7.0 magnitude quake off Central America coast triggers tsunami alert

© earthquake.usgs.gov
A 7.0 magnitude earthquake struck off the Pacific coast of Central America. It came on the heels of the powerful Hurricane Otto, and was felt in several countries across the region, triggering a brief tsunami warning.

Earlier the US Pacific Tsunami Warning Center issued a tsunami warning.

"Hazardous" tsumani waves were possible within 300km of the quake epicenter along the coasts of Nicaragua, El Salvador and Honduras, the Center specified.

Nicaragua and El Salvador issued their own tsunami warnings in the wake of the earthquake.

There was a threat of waves as high as three meters (six feet) hitting the coast, Lina Pohl, El Salvador’s environment minister, said, as cited by AP.

The Pacific Tsunami Warning Center, in turn, warned that waves of up to one meter (three feet) could hit Pacific coastlines.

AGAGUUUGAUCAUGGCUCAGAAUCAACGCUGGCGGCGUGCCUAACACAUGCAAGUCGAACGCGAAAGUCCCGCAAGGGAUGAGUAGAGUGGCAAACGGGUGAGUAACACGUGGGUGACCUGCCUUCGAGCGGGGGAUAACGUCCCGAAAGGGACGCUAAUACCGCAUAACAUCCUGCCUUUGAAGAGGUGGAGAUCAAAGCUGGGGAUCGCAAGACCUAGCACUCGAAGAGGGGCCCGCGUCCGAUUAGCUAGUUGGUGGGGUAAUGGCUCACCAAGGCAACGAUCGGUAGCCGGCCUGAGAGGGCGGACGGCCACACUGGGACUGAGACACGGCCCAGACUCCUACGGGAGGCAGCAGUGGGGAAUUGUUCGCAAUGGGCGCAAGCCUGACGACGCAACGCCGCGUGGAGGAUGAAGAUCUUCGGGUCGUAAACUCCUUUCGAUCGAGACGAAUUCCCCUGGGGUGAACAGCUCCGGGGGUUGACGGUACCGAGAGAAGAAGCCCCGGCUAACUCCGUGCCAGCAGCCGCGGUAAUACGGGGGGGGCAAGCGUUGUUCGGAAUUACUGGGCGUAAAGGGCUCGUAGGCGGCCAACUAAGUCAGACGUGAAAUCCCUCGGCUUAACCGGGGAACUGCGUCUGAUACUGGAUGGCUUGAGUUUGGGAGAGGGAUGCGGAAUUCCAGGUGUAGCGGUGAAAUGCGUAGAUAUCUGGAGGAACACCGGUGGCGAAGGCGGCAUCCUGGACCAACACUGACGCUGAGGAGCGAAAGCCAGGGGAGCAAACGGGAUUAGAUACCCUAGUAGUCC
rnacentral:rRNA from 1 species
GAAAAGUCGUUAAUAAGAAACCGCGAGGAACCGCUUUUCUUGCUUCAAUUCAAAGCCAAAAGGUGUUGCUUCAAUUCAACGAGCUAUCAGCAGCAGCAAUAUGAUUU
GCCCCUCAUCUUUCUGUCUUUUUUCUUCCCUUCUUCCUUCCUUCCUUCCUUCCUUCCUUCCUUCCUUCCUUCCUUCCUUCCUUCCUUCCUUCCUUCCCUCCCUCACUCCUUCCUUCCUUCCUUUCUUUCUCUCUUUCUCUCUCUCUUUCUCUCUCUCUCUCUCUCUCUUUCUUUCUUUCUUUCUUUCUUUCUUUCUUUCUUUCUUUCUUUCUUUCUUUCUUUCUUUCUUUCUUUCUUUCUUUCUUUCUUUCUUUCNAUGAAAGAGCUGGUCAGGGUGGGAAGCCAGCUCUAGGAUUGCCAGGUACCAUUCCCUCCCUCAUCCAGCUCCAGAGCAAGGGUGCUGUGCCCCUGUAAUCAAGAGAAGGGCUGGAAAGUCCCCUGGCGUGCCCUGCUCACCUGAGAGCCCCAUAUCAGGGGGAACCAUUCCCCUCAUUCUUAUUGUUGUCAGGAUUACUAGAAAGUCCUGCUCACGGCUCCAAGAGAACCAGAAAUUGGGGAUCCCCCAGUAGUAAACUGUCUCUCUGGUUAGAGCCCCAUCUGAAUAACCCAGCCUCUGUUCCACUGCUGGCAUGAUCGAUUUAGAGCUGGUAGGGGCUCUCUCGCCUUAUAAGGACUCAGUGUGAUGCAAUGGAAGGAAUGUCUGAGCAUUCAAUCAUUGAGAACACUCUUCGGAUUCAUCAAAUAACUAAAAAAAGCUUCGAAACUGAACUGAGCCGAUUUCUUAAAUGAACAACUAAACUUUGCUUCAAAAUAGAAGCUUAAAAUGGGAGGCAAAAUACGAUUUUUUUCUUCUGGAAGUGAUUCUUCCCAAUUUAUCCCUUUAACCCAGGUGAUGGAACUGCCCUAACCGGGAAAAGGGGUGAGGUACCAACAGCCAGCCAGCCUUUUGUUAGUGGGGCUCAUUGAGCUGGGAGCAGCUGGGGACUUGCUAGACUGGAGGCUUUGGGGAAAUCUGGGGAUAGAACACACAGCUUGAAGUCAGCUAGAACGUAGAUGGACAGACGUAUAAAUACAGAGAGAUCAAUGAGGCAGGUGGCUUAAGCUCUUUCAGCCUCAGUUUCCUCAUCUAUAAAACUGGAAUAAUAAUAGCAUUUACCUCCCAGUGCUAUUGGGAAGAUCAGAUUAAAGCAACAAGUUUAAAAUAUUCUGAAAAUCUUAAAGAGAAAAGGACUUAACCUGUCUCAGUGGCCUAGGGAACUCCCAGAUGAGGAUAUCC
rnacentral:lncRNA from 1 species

The quake, initially reported as magnitude 7.2, was registered at a depth of 33km (20 miles), some 154km (96 miles) south-southwest of the Puerto Triunfo municipality in El Salvador, according to The US Geological Survey.

There were no immediate reports of damage in El Salvador, the country's emergency services reported on Twitter.

The earthquake struck just as the category 2 Hurricane Otto descended near the southeastern coast of Nicaragua. Thousands had already been evacuated from coastal areas.

The hurricane brought strong winds of around 175 kilometers (110 miles) per hour and heavy rainfalls, threatening to instigate dangerous floods and mudslides.

Nicaraguan President Daniel Ortega has declared a state of emergency in the country due to the earthquake and the hurricane.

Emergency services ordered communities located along the Pacific coast in El Salvador to evacuate the area.